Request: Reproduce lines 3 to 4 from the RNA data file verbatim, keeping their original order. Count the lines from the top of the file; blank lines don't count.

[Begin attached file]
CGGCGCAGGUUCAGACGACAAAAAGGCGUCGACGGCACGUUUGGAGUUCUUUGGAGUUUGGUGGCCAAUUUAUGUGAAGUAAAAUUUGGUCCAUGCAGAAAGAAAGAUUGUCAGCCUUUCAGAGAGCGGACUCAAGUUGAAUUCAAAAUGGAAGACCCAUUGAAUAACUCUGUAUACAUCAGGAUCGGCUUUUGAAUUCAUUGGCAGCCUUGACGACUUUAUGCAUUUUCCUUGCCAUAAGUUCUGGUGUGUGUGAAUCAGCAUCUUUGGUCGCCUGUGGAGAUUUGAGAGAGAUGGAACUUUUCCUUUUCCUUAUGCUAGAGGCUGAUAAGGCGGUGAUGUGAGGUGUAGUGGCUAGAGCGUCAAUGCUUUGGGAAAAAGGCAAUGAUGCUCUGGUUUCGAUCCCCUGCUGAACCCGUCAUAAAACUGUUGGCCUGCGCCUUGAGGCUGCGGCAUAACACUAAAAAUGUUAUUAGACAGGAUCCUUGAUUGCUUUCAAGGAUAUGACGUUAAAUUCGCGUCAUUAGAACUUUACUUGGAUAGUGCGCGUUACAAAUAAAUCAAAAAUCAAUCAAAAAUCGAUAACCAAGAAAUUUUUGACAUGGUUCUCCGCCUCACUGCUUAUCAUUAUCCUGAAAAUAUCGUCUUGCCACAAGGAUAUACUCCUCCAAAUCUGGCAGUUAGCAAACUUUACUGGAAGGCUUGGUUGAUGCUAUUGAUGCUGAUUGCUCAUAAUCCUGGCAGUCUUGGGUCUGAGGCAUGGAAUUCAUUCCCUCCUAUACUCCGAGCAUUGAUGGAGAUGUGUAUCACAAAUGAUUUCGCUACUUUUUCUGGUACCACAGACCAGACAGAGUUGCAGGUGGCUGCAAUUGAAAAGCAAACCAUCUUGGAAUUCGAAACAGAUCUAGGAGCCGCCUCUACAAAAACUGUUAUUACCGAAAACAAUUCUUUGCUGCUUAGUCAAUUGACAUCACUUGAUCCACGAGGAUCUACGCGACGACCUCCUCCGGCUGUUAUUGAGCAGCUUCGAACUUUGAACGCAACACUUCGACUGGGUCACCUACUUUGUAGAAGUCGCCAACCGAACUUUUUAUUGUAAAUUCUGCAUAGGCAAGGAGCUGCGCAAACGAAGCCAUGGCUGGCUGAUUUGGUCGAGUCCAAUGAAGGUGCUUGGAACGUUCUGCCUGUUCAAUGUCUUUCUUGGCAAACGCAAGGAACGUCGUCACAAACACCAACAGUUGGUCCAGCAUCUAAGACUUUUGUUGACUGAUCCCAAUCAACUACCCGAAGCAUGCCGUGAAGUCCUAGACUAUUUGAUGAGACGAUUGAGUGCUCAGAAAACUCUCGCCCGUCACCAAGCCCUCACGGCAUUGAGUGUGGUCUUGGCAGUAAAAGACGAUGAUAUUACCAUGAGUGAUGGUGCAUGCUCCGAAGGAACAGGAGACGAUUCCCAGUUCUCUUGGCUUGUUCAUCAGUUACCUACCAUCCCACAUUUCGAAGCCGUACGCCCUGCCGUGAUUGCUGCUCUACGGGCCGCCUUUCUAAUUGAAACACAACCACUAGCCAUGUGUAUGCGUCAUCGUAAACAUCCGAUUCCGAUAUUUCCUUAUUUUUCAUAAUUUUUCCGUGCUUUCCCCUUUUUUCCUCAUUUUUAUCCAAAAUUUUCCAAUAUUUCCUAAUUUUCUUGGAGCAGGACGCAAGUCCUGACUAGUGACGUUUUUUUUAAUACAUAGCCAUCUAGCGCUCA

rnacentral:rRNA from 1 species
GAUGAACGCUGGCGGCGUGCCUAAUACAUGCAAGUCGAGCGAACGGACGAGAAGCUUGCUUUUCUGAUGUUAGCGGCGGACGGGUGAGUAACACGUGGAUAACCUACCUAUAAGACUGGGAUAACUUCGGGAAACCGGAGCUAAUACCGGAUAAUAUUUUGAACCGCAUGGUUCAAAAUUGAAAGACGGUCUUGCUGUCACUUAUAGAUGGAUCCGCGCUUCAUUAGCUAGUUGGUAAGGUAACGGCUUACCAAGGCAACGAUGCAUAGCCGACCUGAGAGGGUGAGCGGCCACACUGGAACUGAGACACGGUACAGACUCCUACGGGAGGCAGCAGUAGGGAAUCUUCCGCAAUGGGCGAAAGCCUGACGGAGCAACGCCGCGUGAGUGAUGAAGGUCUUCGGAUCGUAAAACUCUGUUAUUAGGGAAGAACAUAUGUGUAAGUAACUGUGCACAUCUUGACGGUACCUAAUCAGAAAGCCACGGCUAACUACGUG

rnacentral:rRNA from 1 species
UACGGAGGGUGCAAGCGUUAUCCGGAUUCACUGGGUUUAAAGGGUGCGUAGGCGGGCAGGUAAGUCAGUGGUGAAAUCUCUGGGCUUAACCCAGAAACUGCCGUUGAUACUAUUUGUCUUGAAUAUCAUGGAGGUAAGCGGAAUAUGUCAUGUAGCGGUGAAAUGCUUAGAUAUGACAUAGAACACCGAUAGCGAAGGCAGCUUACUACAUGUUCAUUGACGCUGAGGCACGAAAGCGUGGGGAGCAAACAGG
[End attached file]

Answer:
GAUGAACGCUGGCGGCGUGCCUAAUACAUGCAAGUCGAGCGAACGGACGAGAAGCUUGCUUUUCUGAUGUUAGCGGCGGACGGGUGAGUAACACGUGGAUAACCUACCUAUAAGACUGGGAUAACUUCGGGAAACCGGAGCUAAUACCGGAUAAUAUUUUGAACCGCAUGGUUCAAAAUUGAAAGACGGUCUUGCUGUCACUUAUAGAUGGAUCCGCGCUUCAUUAGCUAGUUGGUAAGGUAACGGCUUACCAAGGCAACGAUGCAUAGCCGACCUGAGAGGGUGAGCGGCCACACUGGAACUGAGACACGGUACAGACUCCUACGGGAGGCAGCAGUAGGGAAUCUUCCGCAAUGGGCGAAAGCCUGACGGAGCAACGCCGCGUGAGUGAUGAAGGUCUUCGGAUCGUAAAACUCUGUUAUUAGGGAAGAACAUAUGUGUAAGUAACUGUGCACAUCUUGACGGUACCUAAUCAGAAAGCCACGGCUAACUACGUG

rnacentral:rRNA from 1 species